And his tribe echoed the ritual greeting, for they knew what Norm had been doing for so long, locked away inside Hellgate, and how much more he had done than they had even thought possible, and Jake could see the respect in their eyes, and he was happy because Norm deserved it, ten times over.
“I have one final request,” Jake said, smiling because it was really an order and everyone knew it. “Tradition says that the ceremony takes place inside Hometree. Norm is not of Hometree. He is of the sky people, and his task lies in the sky, and we will initiate him here, under the sky. Prepare him here.”
Norm was so choked up he couldn’t even speak. Jake nodded to him and held up a hand. “This is your time, Norm. Let them take care of you. I’ll be back for the ceremony.”
Smiling, Jake went to feed his exhausted ikran.
Jake expected Norm to look silly painted up like a Na’vi warrior—but what do you know? he thought. He’s got no muscles, but no fat on him either, and now that he’s actually standing tall and proud instead of slouching around like he always does, that skinny bastard looks more like a Na’vi than I ever did when I was human. Apparently Norm had held his breath long enough for them to take off the breathing mask and paint the ritual designs on his face. They had even decorated the mask, and the total effect was actually a bit scary, like some half-aquatic predator. And Jake was proud of him, because Norm’s eyes were dry and his face showed the calm pride of someone who knows they deserve their honor—but who also knows he could throw it away instantly with a stupid word or misplaced action.
Finally it was time. The entire tribe all gathered around Norm in concentric circles, the inner circle placing their hands on his shoulders and back and chest and each circle placing their hands on the next circle’s shoulders, and Jake stood in front of Norm with his hands on Norm’s shoulders, and the entire tribe was linked together, touching him, for a long moment as Norm glowed with fierce pride and Jake’s heart swelled inside his chest with happiness for him—
—and Jake saw an Atokarina’ slowly, casually wafting its way downwards, towards Norm, and he was sure everyone but Norm saw it too because no one moved, or even breathed—
—and just as it touched down, feather-light, on top of Norm’s head, he saw another, slowly drifting in from another direction—
—and Jake saw more of them as points of light reflected from Norm’s breathing mask and he couldn’t help but look up, and as he did, he gasped, because the Atokarina’ were everywhere, easily a hundred of them, more than anyone had ever seen at once, even Jake when he first got lost in the forest and tried to follow Neytiri, and everyone looked up and around as the seeds all slowly pulsed and drifted inwards, towards the center of the circle, towards Norm, and Norm took a couple quick, deep breaths and pulled off his breathing mask and held his arms up as the woodsprites landed on his outstretched arms and even on the mask he held in one upraised hand, and he threw his head back and laughed silently, eyes brimming with tears, as they landed on his forehead and face too and Norm was lit up like a Christmas tree and laughing and crying soundlessly at the same time and the only motion in that long timeless moment was the seeds of the Great Tree as their soft light told everyone all they needed to know.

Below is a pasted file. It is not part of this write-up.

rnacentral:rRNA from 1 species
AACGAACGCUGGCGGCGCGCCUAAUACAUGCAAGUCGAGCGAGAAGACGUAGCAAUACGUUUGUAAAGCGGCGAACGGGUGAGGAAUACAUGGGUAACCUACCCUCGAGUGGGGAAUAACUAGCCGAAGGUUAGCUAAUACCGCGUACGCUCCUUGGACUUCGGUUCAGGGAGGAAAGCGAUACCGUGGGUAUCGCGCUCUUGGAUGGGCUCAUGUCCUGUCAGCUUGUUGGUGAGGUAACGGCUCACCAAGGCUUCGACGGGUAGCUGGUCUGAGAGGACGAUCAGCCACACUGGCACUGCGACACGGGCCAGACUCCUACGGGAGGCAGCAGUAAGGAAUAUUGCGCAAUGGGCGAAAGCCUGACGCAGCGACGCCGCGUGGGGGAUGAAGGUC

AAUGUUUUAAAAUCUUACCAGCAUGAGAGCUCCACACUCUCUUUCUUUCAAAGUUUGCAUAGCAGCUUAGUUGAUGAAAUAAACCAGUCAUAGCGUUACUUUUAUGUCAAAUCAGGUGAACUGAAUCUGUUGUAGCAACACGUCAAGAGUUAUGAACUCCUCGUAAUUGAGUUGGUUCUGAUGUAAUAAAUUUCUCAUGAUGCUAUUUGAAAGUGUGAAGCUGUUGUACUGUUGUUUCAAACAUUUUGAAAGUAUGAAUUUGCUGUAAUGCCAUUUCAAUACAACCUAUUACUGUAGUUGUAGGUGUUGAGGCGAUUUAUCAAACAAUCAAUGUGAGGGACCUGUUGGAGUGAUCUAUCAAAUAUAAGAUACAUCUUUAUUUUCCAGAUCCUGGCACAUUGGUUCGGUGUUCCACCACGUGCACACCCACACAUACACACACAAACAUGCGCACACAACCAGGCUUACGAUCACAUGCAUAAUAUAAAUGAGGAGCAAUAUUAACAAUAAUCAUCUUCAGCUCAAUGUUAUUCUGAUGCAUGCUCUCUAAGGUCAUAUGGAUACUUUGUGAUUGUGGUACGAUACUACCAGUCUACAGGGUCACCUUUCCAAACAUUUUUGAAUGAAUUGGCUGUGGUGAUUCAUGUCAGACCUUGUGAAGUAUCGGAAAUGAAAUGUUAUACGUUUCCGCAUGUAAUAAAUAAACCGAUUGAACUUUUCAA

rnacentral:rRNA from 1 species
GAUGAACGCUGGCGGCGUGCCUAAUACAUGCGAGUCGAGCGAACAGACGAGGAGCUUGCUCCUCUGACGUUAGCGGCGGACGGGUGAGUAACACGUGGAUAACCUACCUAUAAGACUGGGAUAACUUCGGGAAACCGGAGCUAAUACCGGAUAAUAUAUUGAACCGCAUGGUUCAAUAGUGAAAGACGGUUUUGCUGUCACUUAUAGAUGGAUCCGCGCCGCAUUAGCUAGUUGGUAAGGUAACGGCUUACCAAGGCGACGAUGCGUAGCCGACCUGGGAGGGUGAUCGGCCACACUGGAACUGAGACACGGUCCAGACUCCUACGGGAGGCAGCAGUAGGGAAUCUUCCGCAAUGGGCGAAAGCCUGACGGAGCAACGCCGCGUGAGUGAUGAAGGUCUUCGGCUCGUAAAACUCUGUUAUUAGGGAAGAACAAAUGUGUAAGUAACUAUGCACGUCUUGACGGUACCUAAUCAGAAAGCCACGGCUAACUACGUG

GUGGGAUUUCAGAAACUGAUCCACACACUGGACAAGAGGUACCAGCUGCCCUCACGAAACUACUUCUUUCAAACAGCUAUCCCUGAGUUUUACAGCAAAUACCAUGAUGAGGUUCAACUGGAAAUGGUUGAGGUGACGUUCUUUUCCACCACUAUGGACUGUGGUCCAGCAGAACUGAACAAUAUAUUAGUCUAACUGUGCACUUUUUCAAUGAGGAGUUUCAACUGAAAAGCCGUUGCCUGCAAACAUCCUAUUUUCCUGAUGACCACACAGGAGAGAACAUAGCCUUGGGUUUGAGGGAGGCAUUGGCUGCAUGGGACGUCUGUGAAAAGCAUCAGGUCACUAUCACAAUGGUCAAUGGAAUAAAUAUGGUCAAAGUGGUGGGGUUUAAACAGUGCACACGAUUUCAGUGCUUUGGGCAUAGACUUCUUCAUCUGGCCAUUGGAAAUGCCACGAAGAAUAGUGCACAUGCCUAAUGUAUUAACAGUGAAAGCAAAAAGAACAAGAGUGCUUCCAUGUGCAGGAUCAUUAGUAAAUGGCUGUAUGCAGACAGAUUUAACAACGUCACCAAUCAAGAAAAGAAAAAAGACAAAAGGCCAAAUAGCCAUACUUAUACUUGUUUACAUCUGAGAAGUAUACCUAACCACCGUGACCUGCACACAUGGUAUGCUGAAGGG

The Atokarina’ dispersed as one, like a dandelion blown gently by a child, and everyone finally remembered to breathe, including Norm, who somehow managed to get his mask back on without breaking any contact with Jake or anyone else, and Jake intoned,
“You are now a son of the Omaticaya. You are one of the People.”
And no one can doubt it, Jake thought.
“I sure hope this tub holds together,” Jake said. “The inside looks like it’s made with tree bark and duct tape.”
“It is, sort of,” Norm said, with pride. “The life system is just Earth-adapted Pandora plants. Once I realized that keeping me alive in the ship and keeping the plants alive on Earth were the same problem, I could focus entirely on that. The hard part of spaceships is bonding things together and making them airtight no matter what, but that’s what life does. It gets itself into all the cracks and crevices.” Norm smiled. “There was plenty of navigation equipment in the scouts, plenty of unobtainium around for the drive, and solid fuels are just chemistry.”
Jake laughed. “For you, sure. I just hope you don’t go batshit on the trip. Six years is a long time, even if it’s a subjective six months.”
“That’s the dragon I’ve got to ride, Jake.”
“You are one of the People,” Jake said in Na’vi, and they clasped hands like warriors. “Go with Eywa.”
“I am, Jake. I’m bringing her home.”
Jake nodded as Norm climbed the ladder to the hatch.
“T minus about five,” he called out. “Get your butt clear. I advise several klicks, just in case I blow up right here on the pad. There’s a lot of bad chemicals in this thing.”
“You’ll be fine,” Jake said, feeling very certain of it.
“Go anyway,” Norm laughed, and slammed the hatch.